In computational function learning in the limit, an algorithmic learner tries to find a program for a computable function \(g\) given successively more values of \(g\), each time outputting a conjectured program for g. A learner is called postdictively complete iff all available data is correctly postdicted by each conjecture. Akama and Zeugmann presented, for each choice of natural number \(\delta\), a relaxation to postdictive completeness: each conjecture is required to postdict only all except the last \(\delta\) seen data points. This paper extends this notion of delayed postdictive completeness from constant delays to dynamically computed delays. On the one hand, the delays can be different for different data points. On the other hand, delays no longer need to be by a fixed finite number, but any type of computable countdown is allowed, including, for example, countdown in a system of ordinal notations and in other graphs disallowing computable infinitely descending counts. We extend many of the theorems of Akama and Zeugmann and provide some feasible learnability results. Regarding fairness in feasible learning, one needs to limit use of tricks that postpone output hypotheses until there is enough time to “think” about them. We see, for polytime learning, postdictive completeness (and delayed variants): 1. allows some but not all postponement tricks, and 2. there is a surprisingly tight boundary, for polytime learning, between what postponement is allowed and what is not. For example: 1. the set of polytime computable functions is polytime postdictively completely learnable employing some postponement, but 2. the set of exptime computable functions, while polytime learnable with a little more postponement, is not polytime postdictively completely learnable! We have that, for w a notation for \(ømega\), the set of exptime functions is polytime learnable with w-delayed postdictive completeness. Also provided are generalizations to further, small constructive limit ordinals.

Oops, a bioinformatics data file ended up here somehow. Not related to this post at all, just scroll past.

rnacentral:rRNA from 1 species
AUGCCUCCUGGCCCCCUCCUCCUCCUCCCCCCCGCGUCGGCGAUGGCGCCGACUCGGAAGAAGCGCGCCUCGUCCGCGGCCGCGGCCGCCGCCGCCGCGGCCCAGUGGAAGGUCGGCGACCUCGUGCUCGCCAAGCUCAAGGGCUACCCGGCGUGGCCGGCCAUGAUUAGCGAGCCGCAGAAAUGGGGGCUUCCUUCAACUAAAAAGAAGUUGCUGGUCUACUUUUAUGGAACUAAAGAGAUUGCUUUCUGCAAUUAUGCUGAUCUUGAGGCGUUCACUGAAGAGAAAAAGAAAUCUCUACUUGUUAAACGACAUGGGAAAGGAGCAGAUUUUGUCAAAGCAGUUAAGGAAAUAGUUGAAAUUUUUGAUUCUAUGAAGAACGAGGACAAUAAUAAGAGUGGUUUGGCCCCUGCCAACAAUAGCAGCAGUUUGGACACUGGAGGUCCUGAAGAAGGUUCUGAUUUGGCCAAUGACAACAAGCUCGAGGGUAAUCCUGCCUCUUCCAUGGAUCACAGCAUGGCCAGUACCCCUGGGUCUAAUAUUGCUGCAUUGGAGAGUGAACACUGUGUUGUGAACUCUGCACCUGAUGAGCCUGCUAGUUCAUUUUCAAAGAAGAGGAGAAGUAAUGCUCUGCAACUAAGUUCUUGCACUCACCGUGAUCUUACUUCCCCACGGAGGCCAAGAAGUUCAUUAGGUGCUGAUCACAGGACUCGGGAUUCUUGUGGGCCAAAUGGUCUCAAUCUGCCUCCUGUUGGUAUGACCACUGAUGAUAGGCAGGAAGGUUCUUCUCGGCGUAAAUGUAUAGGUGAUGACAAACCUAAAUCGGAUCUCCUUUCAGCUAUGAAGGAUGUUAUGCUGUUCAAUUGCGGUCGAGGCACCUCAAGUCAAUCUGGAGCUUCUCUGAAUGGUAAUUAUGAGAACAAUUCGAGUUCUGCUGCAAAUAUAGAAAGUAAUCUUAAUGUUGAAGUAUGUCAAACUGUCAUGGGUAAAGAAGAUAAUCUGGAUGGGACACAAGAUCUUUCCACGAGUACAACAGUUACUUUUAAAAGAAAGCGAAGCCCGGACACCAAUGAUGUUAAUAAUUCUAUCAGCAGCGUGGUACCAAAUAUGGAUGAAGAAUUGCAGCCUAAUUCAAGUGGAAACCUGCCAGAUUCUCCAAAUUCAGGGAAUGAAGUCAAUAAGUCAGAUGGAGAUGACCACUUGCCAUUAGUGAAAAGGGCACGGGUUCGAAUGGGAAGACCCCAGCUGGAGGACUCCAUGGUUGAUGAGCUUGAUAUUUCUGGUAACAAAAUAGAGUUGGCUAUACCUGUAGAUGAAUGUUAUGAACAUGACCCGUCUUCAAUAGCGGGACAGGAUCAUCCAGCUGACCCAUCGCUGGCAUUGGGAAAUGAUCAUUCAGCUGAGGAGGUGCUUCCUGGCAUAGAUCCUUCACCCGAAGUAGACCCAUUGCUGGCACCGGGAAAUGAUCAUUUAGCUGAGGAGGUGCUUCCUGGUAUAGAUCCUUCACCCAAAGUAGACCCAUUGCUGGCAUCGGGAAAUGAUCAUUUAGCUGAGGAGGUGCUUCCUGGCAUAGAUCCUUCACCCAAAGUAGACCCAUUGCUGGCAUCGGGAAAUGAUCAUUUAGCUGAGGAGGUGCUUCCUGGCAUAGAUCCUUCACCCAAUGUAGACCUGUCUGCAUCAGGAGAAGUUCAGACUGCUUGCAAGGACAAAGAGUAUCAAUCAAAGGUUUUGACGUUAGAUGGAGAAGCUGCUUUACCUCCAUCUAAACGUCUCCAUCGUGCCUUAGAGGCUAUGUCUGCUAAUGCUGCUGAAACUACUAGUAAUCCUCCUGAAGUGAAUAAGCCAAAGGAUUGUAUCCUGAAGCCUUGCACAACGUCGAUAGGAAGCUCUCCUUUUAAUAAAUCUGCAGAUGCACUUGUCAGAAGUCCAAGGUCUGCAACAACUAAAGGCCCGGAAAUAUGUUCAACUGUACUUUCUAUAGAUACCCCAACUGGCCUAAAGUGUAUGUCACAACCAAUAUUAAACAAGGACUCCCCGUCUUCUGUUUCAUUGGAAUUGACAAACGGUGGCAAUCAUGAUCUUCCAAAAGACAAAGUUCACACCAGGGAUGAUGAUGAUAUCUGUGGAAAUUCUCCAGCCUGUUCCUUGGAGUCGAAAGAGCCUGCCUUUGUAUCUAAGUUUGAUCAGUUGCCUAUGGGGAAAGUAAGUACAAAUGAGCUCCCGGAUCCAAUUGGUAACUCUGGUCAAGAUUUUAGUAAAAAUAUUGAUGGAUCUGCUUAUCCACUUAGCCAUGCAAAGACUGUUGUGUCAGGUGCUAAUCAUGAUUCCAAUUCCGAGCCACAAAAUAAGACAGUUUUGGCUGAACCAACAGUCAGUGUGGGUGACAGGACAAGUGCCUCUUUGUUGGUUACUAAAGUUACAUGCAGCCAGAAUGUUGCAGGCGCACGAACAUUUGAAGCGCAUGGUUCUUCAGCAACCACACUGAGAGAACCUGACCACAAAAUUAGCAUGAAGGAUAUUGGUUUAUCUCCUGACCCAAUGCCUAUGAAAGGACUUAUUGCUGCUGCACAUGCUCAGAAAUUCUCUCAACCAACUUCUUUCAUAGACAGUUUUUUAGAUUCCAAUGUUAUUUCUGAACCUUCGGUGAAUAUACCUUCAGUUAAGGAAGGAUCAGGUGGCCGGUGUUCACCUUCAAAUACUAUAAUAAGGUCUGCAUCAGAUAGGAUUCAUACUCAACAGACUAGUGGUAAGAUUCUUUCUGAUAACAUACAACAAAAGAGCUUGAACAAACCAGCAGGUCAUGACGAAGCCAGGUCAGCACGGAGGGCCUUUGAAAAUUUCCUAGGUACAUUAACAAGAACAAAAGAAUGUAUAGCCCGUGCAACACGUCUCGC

For learning functions in the limit, an algorithmic learner obtains successively more data about a function and calculates trials each resulting in the output of a corresponding program, where, hopefully, these programs eventually converge to a correct program for the function. The authors desired to provide a feasible version of this learning in the limit — a version where each trial was conducted feasibly and there was some feasible limit on the number of trials allowed. Employed were basic feasible functionals which query an input function as to its values and which provide each trial. An additional tally argument 0 \(i\) was provided to the functionals for their execution of the \(i\)-th trial. In this way more time resource was available for each successive trial. The mechanism employed to feasibly limit the number of trials was to feasibly count them down from some feasible notation for a constructive ordinal. Since all processes were feasible, their termination was feasibly detectable, and, so, it was possible to wait for the trials to terminate and suppress all the output programs but the last. Hence, although there is still an iteration of trials, the learning was a special case of what has long been known as total Fin-learning, i.e., learning in the limit, where, on each function, the learner always outputs exactly one conjectured program. Our general main results provide for strict learning hierarchies where the trial count down involves all and only notations for infinite limit ordinals. For our hierarchies featuring finitely many limit ordinal jumps, we have upper and lower total run time bounds of our feasible Fin-learners in terms of finite stacks of exponentials. We provide, though, an example of how to regain feasibility by a suitable parameterized complexity analysis.
Our research focus is on theoretical computer science and algorithm engineering. We are equally interested in the mathematical foundations of algorithms and developing efficient algorithms in practice. A special focus is on random structures and methods.